Welcome to 2019! And, by the way, mark your calendars: Hurricane season begins June 1. Are Coastal North Carolina residents and state and local government officials preparing? We all should be. The days of starting to think about hurricane preparations in late May are over — or need to be.
We know that many government entities and other agencies engage in emergency-planning year-round. From what we've experienced in coastal North Carolina over the past several years, we'd suggest that any entities or people potentially in harm's way need to up their games, not only in preparation, but in building more of the much-talked-about storm resiliency.
The trick is that working toward long-term resiliency and planning for the next hurricane season all must take place as Florence recovery efforts continue (and, to a lesser extent, the recovery from Matthew). That will be no easy feat. But as we think about adding resiliency, perhaps having Florence's fallout fresh in our minds will serve as a motivator.
We currently face three essential and very different challenges: short- and long-term recovery from Florence, planning now for the 2019 hurricane season and beginning serious efforts to make coastal North Carolina less vulnerable to the destruction and disruption hurricanes and related flooding have caused here in recent years.
(Two areas that rise to the top for us are making schools more stormproof — notably, from rain infiltration — and taking immediate strategic steps to ensure that flooding does not cut off highway access to our cities and towns.)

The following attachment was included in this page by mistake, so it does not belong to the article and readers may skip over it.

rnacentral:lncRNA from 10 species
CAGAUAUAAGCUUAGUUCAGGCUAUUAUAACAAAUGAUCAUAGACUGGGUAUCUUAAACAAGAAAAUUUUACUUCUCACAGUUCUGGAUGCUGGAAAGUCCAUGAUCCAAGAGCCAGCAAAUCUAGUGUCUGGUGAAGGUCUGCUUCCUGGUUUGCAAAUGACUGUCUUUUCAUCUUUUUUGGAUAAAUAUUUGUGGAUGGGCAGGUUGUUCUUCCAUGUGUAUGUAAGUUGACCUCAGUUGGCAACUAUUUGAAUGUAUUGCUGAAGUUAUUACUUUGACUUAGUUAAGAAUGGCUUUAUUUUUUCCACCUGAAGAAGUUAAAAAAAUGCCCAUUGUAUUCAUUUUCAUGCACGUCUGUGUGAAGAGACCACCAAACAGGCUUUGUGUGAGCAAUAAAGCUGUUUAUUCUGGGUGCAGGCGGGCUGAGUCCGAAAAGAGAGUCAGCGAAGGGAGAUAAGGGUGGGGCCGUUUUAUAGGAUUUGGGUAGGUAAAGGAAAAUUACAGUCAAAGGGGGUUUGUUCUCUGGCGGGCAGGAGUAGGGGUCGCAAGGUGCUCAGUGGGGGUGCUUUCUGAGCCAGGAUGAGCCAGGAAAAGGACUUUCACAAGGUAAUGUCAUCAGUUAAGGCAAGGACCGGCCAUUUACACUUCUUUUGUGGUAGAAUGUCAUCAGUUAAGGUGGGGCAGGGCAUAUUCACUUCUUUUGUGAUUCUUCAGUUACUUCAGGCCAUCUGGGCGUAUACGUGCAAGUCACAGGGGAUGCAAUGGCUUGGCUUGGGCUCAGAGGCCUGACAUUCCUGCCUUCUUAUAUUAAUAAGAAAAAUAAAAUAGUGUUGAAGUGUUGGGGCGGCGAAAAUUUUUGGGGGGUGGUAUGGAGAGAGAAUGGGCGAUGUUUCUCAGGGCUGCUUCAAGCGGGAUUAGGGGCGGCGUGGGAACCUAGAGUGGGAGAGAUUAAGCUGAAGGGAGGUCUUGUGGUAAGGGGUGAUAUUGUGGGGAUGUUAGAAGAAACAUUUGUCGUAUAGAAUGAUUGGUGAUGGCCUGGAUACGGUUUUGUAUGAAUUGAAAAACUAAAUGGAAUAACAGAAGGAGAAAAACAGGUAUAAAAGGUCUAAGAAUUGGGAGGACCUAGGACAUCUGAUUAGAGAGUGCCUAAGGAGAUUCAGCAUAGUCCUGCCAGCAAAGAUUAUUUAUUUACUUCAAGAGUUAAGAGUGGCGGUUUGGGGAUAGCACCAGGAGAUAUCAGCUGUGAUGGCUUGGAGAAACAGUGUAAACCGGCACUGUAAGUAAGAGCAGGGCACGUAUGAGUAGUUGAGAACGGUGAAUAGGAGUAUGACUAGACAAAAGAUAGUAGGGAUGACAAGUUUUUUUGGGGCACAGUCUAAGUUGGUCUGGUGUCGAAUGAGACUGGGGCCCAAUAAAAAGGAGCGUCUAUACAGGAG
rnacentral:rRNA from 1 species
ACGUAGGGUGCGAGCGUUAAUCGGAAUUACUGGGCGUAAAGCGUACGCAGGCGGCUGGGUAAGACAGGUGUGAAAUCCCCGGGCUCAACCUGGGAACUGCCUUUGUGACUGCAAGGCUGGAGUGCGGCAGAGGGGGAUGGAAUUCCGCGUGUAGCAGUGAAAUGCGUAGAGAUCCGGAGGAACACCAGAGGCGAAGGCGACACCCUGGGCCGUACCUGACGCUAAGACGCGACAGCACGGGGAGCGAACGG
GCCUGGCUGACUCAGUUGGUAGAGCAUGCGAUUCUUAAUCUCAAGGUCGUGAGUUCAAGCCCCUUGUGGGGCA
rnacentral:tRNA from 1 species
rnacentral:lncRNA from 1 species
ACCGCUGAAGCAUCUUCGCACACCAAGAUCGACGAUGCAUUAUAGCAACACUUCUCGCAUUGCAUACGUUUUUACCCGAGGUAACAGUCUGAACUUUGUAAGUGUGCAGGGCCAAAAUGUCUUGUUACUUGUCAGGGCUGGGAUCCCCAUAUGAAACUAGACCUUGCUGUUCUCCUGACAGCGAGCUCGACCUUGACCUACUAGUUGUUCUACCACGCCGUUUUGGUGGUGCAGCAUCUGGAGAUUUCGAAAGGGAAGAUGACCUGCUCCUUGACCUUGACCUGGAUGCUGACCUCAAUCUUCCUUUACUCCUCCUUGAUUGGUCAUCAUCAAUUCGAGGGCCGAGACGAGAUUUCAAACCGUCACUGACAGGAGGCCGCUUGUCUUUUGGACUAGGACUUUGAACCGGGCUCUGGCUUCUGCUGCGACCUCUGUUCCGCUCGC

All three challenges will require much work and, yes, money. But as we've noted before, none of it will get done unless we make responding to hurricanes, flooding and sea level rise a greater priority. We don't need a "sky is falling" mentality, but we believe year-round mindfulness is necessary.
Unlike, say, a tornado or wildfire, hurricanes and flooding can affect entire portions of the state and millions of its people. Even when they do not cause massive property damage or disruptions, the widespread nature of hurricanes and flooding takes a big toll.
New Hanover County Manager Chris Coudriet put it well in a message about the need for storm resiliency: "The hurricane disrupted our homes, our businesses and our labor market. It impacted our infrastructure and other business capital, and our entire population was affected."
So, here, in the first week of January, we should be proactively preparing for the next hurricane — and the hurricanes 20 years from now. If we're not, we will likely find ourselves back in the same boat — sometimes literally. We shouldn't risk letting that happen.
REPRINTED FROM THE NEW BERN SUN JOURNAL